You know you’re irrational.
Seeing as none of us came out of the womb with a psychology degree, trying to figure out why we do what we do is challenging enough, let alone make sense of what anybody else is doing. Attempting to understand the intentions and motives of those around us can at times seem too complicated to understand. Decision making is a cognitive process, meaning there is information processing and strategy involved. Here's a broad overview of some of the biggest psychological factors that influence the decision making process.
5 Important Psychological Factors in the Decision Making Process:
One of the most prevalent factors present during decision-making is history. Memories, emotions, and desires of the past may influence future behavior. You probably know it as "emotional baggage." However, psychologically it is more than that. Most biases within a thought process are subconscious. Whether or not you consciously remembers the past experiences, your baggage still heavily influences future decisions.
Your ethics (Catholic, Democratic, Quaker, non-religious ethics, what have you) in a decision-making process can help predict what the outcome might be. Morality is determined by beliefs, opinions, and external factors. Whether you believe in Allah, Big Brother, or UFOs, before you act you wonder: "Is anyone watching?"
If the irrationally popularized The OC taught us anything (and of course it did), it was the value of “confidence, Cohen.” If you’re confident that you are prepared for any situation, you’re likely to make riskier decisions. On the opposite end of this spectrum, if you don’t trust yourself you’re going to err on the side of caution. According to Social Factors Shaping Perception and Decision-Making, how you view yourself, positively or negatively, factors majorly in dictating you future actions.
Beyond your view of yourself, you worry about how other people will see you and what your actions will do to others. Considering different options will determine different results for someone, whether positive of negative. Let’s face it, no one likes feeling guilty.
3. The "Bigger Picture"
If someone takes time to consider how one decision will affect another, they may analyze what could possibly be their "domino effect." However, most people do NOT consider the "bigger picture" when making their decisions.
What about the desire to skew your situation in a positive light? Your mom called it wishful thinking (Mowing lawns will never buy me a car? I’m going to mow all the lawns!). If somebody relies heavily on wishful thinking, they may believe that a certain outcome can happen if they make a certain choice. However, sometimes the "hope" of a positive outcome deludes one's logical thought process.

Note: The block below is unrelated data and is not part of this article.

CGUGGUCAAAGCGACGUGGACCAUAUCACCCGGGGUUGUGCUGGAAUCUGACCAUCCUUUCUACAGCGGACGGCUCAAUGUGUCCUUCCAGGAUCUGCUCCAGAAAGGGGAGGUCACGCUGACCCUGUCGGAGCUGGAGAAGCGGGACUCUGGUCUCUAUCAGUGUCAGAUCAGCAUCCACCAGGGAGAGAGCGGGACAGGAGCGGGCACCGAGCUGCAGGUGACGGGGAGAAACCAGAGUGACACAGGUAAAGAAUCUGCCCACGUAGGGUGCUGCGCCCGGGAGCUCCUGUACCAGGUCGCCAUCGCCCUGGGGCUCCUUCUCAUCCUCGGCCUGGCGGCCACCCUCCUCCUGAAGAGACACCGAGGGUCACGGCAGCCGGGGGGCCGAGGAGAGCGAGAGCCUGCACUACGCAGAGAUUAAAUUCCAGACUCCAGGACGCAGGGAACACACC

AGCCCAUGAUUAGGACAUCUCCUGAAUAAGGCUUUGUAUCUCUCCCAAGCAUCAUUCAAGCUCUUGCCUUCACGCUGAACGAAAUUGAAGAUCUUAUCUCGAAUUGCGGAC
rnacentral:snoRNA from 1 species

4. Attribution Asymmetry
Most people attribute their accomplishments to their own abilities, but when things don’t go as well they tend to blame a negative situation (rather than their own incompetence). They deflect the blame from their own failings. Of course, when something good happens to someone else, it’s the opposite story. Attribution asymmetry states that when something awesome happens to someone else, it’s because of luck. It turns into a feedback loop: if you’re a genius (in your own mind), your decisions are clearly the right ones. If not, you’re just stuck between a rock and a hard place.
5. Wishful Thinking
Self-control becomes a factor in decision-making in regard to an individual’s belief system. As stated in “Leadership Decision Making,” someone's belief or lack thereof may determine what they are naturally inclined to do. Having self-control may increase feelings of confidence, while lack of self-control may result in hopelessness or despair.
This may be the most misunderstood psychological factor in anyone's mind. We believe (with however much delusion) that we have more control than we actually do. We make decisions to manipulate our outcomes. If you’re living in a basement, you’re going to do whatever it takes to get out of the basement, even if it means deep-sea diving.
The mental, emotional, and psychological processes in decision-making are very involved. However, the attempt of understanding this process can be understood more easily through recognizing the most prevalent psychological factors affecting those around us. Considering someone's past experiences, biases, and desires can help provide some insight on why people do the things they do.
About the Author:
Allison Gamble has been a curious student of psychology since high school. She brings her understanding of the mind to work in the weird world of internet marketing.
photo credit: liquene